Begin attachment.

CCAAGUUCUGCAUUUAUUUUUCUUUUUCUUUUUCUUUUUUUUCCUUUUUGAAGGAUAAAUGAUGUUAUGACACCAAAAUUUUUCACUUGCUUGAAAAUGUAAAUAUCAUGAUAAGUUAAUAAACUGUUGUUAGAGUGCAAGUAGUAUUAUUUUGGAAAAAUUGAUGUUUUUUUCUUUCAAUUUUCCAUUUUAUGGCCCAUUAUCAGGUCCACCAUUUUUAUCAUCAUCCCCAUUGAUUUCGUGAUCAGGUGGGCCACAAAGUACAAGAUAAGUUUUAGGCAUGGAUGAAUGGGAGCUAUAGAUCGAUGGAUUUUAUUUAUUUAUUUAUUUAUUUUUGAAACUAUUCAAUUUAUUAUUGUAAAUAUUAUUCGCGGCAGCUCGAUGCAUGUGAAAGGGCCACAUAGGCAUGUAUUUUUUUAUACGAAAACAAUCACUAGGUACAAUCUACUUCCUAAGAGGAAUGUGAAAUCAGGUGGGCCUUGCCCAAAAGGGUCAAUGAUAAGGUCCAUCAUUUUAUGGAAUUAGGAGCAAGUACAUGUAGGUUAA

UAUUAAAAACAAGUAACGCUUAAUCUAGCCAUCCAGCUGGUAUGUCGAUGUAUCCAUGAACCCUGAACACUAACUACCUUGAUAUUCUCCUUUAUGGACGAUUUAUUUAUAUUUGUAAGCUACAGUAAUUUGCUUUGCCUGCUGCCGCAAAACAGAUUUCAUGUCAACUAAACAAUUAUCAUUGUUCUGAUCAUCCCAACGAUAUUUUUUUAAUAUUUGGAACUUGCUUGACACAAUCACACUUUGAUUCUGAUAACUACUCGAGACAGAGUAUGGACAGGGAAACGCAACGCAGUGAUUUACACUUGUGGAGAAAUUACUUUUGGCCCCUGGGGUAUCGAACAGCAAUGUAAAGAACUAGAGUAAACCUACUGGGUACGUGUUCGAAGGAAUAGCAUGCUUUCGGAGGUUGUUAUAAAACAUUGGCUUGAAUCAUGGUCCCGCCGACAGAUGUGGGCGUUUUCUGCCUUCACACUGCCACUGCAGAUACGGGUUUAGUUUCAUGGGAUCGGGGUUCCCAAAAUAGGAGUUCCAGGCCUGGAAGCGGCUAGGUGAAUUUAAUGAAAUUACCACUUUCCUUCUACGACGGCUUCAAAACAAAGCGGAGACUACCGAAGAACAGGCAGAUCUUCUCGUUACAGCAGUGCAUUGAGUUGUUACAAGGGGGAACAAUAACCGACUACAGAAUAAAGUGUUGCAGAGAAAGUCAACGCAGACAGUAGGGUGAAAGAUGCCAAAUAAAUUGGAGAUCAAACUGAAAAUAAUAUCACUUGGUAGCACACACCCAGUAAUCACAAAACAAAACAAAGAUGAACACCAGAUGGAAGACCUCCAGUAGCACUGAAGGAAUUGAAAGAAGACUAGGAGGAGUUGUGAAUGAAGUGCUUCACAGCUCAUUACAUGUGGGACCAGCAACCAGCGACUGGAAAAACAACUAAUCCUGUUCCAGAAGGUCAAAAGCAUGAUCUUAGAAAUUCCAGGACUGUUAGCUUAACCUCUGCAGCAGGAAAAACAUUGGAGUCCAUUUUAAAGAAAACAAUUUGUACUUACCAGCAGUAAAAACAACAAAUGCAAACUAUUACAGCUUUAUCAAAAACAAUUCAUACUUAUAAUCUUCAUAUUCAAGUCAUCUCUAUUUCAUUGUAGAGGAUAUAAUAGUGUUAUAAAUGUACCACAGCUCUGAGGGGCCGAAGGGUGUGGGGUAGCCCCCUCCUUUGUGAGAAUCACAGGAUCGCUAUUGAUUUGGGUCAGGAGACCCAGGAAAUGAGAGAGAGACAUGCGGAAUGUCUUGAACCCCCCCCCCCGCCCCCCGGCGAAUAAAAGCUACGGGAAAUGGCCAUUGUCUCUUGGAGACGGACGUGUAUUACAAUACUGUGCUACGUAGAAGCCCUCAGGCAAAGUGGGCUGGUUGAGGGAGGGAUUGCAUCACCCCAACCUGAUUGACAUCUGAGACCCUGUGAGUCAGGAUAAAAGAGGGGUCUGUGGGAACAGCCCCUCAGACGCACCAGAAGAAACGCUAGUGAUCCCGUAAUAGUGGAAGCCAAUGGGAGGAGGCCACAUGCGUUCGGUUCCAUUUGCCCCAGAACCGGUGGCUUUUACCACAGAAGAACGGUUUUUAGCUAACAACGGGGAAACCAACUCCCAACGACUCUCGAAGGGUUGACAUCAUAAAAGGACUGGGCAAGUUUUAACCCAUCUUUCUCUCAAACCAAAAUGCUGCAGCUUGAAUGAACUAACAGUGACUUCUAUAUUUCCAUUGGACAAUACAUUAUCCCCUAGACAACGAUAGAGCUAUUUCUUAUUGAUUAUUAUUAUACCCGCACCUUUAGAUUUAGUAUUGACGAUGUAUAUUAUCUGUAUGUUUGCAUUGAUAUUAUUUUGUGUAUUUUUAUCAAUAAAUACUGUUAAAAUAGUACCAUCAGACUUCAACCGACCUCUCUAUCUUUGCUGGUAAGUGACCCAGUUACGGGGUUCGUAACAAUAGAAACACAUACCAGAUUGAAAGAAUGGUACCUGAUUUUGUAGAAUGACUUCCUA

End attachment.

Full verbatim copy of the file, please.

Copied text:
CCAAGUUCUGCAUUUAUUUUUCUUUUUCUUUUUCUUUUUUUUCCUUUUUGAAGGAUAAAUGAUGUUAUGACACCAAAAUUUUUCACUUGCUUGAAAAUGUAAAUAUCAUGAUAAGUUAAUAAACUGUUGUUAGAGUGCAAGUAGUAUUAUUUUGGAAAAAUUGAUGUUUUUUUCUUUCAAUUUUCCAUUUUAUGGCCCAUUAUCAGGUCCACCAUUUUUAUCAUCAUCCCCAUUGAUUUCGUGAUCAGGUGGGCCACAAAGUACAAGAUAAGUUUUAGGCAUGGAUGAAUGGGAGCUAUAGAUCGAUGGAUUUUAUUUAUUUAUUUAUUUAUUUUUGAAACUAUUCAAUUUAUUAUUGUAAAUAUUAUUCGCGGCAGCUCGAUGCAUGUGAAAGGGCCACAUAGGCAUGUAUUUUUUUAUACGAAAACAAUCACUAGGUACAAUCUACUUCCUAAGAGGAAUGUGAAAUCAGGUGGGCCUUGCCCAAAAGGGUCAAUGAUAAGGUCCAUCAUUUUAUGGAAUUAGGAGCAAGUACAUGUAGGUUAA

UAUUAAAAACAAGUAACGCUUAAUCUAGCCAUCCAGCUGGUAUGUCGAUGUAUCCAUGAACCCUGAACACUAACUACCUUGAUAUUCUCCUUUAUGGACGAUUUAUUUAUAUUUGUAAGCUACAGUAAUUUGCUUUGCCUGCUGCCGCAAAACAGAUUUCAUGUCAACUAAACAAUUAUCAUUGUUCUGAUCAUCCCAACGAUAUUUUUUUAAUAUUUGGAACUUGCUUGACACAAUCACACUUUGAUUCUGAUAACUACUCGAGACAGAGUAUGGACAGGGAAACGCAACGCAGUGAUUUACACUUGUGGAGAAAUUACUUUUGGCCCCUGGGGUAUCGAACAGCAAUGUAAAGAACUAGAGUAAACCUACUGGGUACGUGUUCGAAGGAAUAGCAUGCUUUCGGAGGUUGUUAUAAAACAUUGGCUUGAAUCAUGGUCCCGCCGACAGAUGUGGGCGUUUUCUGCCUUCACACUGCCACUGCAGAUACGGGUUUAGUUUCAUGGGAUCGGGGUUCCCAAAAUAGGAGUUCCAGGCCUGGAAGCGGCUAGGUGAAUUUAAUGAAAUUACCACUUUCCUUCUACGACGGCUUCAAAACAAAGCGGAGACUACCGAAGAACAGGCAGAUCUUCUCGUUACAGCAGUGCAUUGAGUUGUUACAAGGGGGAACAAUAACCGACUACAGAAUAAAGUGUUGCAGAGAAAGUCAACGCAGACAGUAGGGUGAAAGAUGCCAAAUAAAUUGGAGAUCAAACUGAAAAUAAUAUCACUUGGUAGCACACACCCAGUAAUCACAAAACAAAACAAAGAUGAACACCAGAUGGAAGACCUCCAGUAGCACUGAAGGAAUUGAAAGAAGACUAGGAGGAGUUGUGAAUGAAGUGCUUCACAGCUCAUUACAUGUGGGACCAGCAACCAGCGACUGGAAAAACAACUAAUCCUGUUCCAGAAGGUCAAAAGCAUGAUCUUAGAAAUUCCAGGACUGUUAGCUUAACCUCUGCAGCAGGAAAAACAUUGGAGUCCAUUUUAAAGAAAACAAUUUGUACUUACCAGCAGUAAAAACAACAAAUGCAAACUAUUACAGCUUUAUCAAAAACAAUUCAUACUUAUAAUCUUCAUAUUCAAGUCAUCUCUAUUUCAUUGUAGAGGAUAUAAUAGUGUUAUAAAUGUACCACAGCUCUGAGGGGCCGAAGGGUGUGGGGUAGCCCCCUCCUUUGUGAGAAUCACAGGAUCGCUAUUGAUUUGGGUCAGGAGACCCAGGAAAUGAGAGAGAGACAUGCGGAAUGUCUUGAACCCCCCCCCCCGCCCCCCGGCGAAUAAAAGCUACGGGAAAUGGCCAUUGUCUCUUGGAGACGGACGUGUAUUACAAUACUGUGCUACGUAGAAGCCCUCAGGCAAAGUGGGCUGGUUGAGGGAGGGAUUGCAUCACCCCAACCUGAUUGACAUCUGAGACCCUGUGAGUCAGGAUAAAAGAGGGGUCUGUGGGAACAGCCCCUCAGACGCACCAGAAGAAACGCUAGUGAUCCCGUAAUAGUGGAAGCCAAUGGGAGGAGGCCACAUGCGUUCGGUUCCAUUUGCCCCAGAACCGGUGGCUUUUACCACAGAAGAACGGUUUUUAGCUAACAACGGGGAAACCAACUCCCAACGACUCUCGAAGGGUUGACAUCAUAAAAGGACUGGGCAAGUUUUAACCCAUCUUUCUCUCAAACCAAAAUGCUGCAGCUUGAAUGAACUAACAGUGACUUCUAUAUUUCCAUUGGACAAUACAUUAUCCCCUAGACAACGAUAGAGCUAUUUCUUAUUGAUUAUUAUUAUACCCGCACCUUUAGAUUUAGUAUUGACGAUGUAUAUUAUCUGUAUGUUUGCAUUGAUAUUAUUUUGUGUAUUUUUAUCAAUAAAUACUGUUAAAAUAGUACCAUCAGACUUCAACCGACCUCUCUAUCUUUGCUGGUAAGUGACCCAGUUACGGGGUUCGUAACAAUAGAAACACAUACCAGAUUGAAAGAAUGGUACCUGAUUUUGUAGAAUGACUUCCUA